Comments: 573 • Responses: 8  • Date: 

thundercough42052 karma

As the FTC, shouldn't you be investigating the student lenders themselves? Debt relief is already possible with the stroke of a pen.

The_FTC10 karma

The FTC does not have jurisdiction over all student lenders, however we work together with partner agencies, such as u/FederalStudentAid, that have broader jurisdiction over lenders and servicers.

FLAlex11119 karma

What are the most prevalent student loan repayment scams out there right now?

The_FTC23 karma

Here are some other red flags for current student loan debt relief scams:

Never pay an up-front fee. It’s illegal for companies to charge you before they help you. If you pay up front to reduce or get rid of your student loan debt, you might not get any help — or your money back.

Only scammers promise fast loan forgiveness. Before they know the details of your situation, scammers might say they can quickly get rid of your loans through a loan forgiveness program — programs most people won’t qualify for. Or they might say they will wipe out your loans by disputing them. But they can’t do either.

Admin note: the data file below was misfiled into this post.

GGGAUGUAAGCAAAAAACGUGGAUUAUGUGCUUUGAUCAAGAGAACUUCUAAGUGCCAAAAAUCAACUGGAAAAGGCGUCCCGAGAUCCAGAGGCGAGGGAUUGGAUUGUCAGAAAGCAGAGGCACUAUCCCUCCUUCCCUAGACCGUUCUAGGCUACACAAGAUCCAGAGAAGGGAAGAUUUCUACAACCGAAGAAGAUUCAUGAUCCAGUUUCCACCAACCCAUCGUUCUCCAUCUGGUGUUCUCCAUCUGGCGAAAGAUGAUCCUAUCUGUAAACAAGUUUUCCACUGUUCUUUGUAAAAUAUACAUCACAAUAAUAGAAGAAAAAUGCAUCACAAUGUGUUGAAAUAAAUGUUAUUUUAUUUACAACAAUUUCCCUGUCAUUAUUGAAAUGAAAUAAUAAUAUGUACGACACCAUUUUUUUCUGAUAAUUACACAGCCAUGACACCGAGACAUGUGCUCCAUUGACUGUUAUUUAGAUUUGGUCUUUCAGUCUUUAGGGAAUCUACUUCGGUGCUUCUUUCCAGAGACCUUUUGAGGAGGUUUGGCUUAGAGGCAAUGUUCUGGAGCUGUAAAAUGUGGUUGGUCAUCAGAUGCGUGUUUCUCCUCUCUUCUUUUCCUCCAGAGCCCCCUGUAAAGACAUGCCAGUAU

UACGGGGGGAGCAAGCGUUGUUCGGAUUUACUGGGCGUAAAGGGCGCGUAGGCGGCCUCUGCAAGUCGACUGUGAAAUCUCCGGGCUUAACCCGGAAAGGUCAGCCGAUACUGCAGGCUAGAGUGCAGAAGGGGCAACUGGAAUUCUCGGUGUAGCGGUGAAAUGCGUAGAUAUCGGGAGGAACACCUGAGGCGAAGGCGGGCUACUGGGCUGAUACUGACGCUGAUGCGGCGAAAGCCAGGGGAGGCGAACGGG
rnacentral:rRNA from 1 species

A Department of Education seal doesn’t mean it’s legit. Scammers use official-looking names, seals and logos, and tell you they have special access to certain repayment plans, new federal loan consolidations, or loan forgiveness programs. They don’t. If you have federal loans, go to the Department of Education directly at StudentAid.gov.

Don’t be rushed into a bad decision. To get you to act fast, scammers tell you that you could miss qualifying for repayment plans, loan consolidation, or loan forgiveness programs if you don’t sign up right away. Take your time and check it out.

Don’t give away your FSA ID. Some scammers claim they need your FSA ID to help you, but don’t share your FSA ID with anyone. Dishonest people could use that information to get into your account and take control of your personal information.